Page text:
'I was stunned at the significant role of psychology in social work practice'
In 1998, whilst employed as an aircraft engineer in the Royal Navy, I started an Open University degree in Psychology. It may have been more appropriate for me to undertake Maths or Physics courses but I chose psychology as I felt I had a natural affinity toward the experience of human existence. So, rather than exploring aircraft fuel or hydraulic systems I started to explore human nature and I spent the next eight years reading books, completing assignments and undertaking examinations either in the UK or whilst deployed at sea on operations. When I first started reading I had no end goal other than to learn about things that interested me, but I completed the BSc and then the MSc.
As time passed I started trying to link what I was learning to my own professional environment and I found a substantial amount of research relating to human behaviour and the impact on decision making in aviation. Aircraft systems have been designed to reduce the likelihood of catastrophic failure but technological advances have illuminated the need to understand why humans may choose to by-pass built in safety features. At the time of my MSc dissertation, I noted how research was loaded toward understanding behaviours and relationships in the cockpit – this is because it is the pilot’s final action that may prevent an aircraft from crashing. But as my knowledge of safety culture expanded I understood the need to take a holistic, systemic approach that encompassed not just cockpit management but the social and psychological influences throughout all parts of the organisation from executive management to the new apprentice on the shop floor. This is because a systemic approach to safety management may help to identify latent (hidden) factors that contribute and precede a serious accident. Clearly, these principles of safety management don’t just apply to aviation but also to other safety critical industries, including my new career.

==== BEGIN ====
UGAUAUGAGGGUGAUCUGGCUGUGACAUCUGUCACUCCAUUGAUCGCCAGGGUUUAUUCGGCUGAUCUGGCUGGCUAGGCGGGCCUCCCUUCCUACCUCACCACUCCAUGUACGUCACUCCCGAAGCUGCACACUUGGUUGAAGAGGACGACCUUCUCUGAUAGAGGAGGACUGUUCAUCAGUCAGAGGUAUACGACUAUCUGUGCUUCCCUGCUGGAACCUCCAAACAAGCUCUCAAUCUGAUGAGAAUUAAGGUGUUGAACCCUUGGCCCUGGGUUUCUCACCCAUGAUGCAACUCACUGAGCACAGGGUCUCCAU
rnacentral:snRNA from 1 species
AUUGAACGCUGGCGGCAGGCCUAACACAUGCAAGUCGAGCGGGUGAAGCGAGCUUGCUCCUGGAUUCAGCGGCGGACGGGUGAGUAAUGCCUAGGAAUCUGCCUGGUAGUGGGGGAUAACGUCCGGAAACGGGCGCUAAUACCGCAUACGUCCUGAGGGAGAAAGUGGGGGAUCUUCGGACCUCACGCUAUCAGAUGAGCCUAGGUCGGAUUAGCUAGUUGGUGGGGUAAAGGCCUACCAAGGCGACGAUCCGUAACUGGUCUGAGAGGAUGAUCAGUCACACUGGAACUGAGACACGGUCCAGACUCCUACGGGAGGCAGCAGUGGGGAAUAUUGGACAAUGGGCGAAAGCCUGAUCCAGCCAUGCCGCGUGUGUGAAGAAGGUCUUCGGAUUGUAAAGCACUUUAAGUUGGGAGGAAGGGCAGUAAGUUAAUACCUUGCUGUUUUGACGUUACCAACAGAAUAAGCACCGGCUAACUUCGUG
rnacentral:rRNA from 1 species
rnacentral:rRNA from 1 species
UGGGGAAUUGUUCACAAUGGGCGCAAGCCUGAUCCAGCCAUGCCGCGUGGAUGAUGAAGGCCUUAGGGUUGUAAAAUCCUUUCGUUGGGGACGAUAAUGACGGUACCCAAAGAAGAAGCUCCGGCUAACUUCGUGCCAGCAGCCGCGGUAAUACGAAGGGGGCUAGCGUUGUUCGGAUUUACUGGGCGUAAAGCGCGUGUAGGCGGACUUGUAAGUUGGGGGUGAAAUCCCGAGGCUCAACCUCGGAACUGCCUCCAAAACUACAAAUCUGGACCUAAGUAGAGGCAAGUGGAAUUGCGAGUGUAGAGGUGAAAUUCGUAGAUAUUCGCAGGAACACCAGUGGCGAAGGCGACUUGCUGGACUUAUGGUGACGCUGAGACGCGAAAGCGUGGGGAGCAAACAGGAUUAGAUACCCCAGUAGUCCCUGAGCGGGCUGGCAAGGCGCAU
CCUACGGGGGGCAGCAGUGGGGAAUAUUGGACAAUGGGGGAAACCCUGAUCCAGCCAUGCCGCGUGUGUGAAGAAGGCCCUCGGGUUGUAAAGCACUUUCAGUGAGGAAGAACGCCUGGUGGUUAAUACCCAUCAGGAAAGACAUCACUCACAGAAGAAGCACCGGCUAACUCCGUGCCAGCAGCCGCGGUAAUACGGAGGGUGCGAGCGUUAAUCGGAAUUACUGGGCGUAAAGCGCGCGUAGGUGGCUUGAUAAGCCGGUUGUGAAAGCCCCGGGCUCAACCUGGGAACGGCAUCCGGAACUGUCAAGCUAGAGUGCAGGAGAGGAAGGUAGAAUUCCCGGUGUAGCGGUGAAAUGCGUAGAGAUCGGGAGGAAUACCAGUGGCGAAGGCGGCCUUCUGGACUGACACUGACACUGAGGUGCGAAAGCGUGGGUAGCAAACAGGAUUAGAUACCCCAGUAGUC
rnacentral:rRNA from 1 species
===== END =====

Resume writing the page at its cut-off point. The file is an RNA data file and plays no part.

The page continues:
When I left the Royal Navy, my attempts to become a psychologist in the Ministry of Defence failed. My frustration grew but as I was a boxing coach I diverted my attention toward understanding competitive state anxiety and its impact on athletic performance. I was very aware that anxiety can put a boxer into a dark place where they may mentally lose a contest even before getting into the ring, so the psychology behind this provided me with a welcome distraction. However, after a relatively brief period I gained employment with the Dorset Youth Offending team where I was required to work as a Social Work Assistant with young people who had come to the attention of the police.
Work in the field of Youth Offending can be very fulfilling and the opportunity enabled me to broaden my knowledge and use psychology because I was required to tailor interventions to help young people achieve positive outcomes. Indeed, the need to establish the correct level of intervention is crucial as failure to do so, may actually make the situation worse. Furthermore, complex and high risk cases required a co-ordinated approach and because of this there was sometimes need to liaise with multi-agency professionals including police, educational and clinical psychologists, health professionals, social workers and probation officers. Over the three years I spent with the Youth Offending Team, I found my previous reading was becoming far more significant in terms of having the opportunity to apply it to a professional environment albeit different from the one I had experienced in naval aviation.
My time with Youth Offending ended when an opportunity arose for me to use my psychology degree and background experience to complete a Post Graduate Diploma that would let me register as a Social Worker. I completed the diploma at Bournemouth University: a great place where I enjoyed the company of outstanding tutors and student colleagues. The training required me to undertake two student placements in the Salisbury area of Wiltshire; one with the Education Welfare Service and one with a children’s safeguarding team. Both of these placements were very enjoyable experiences and I met some wonderful and unique characters. Crucially, these placements not only provided the opportunity to work with families going through challenging times but also the opportunity to link psychological theory with social work practice. Time on placement was split with periods at Bournemouth University where there was a need to consider different perspectives of human development and behaviour. At university I was stunned at the significant role of psychology in social work practice because to be an effective practitioner it is essential to have awareness of your own social and psychological construction. We can’t work with others if we don’t recognise our own weaknesses and prejudices.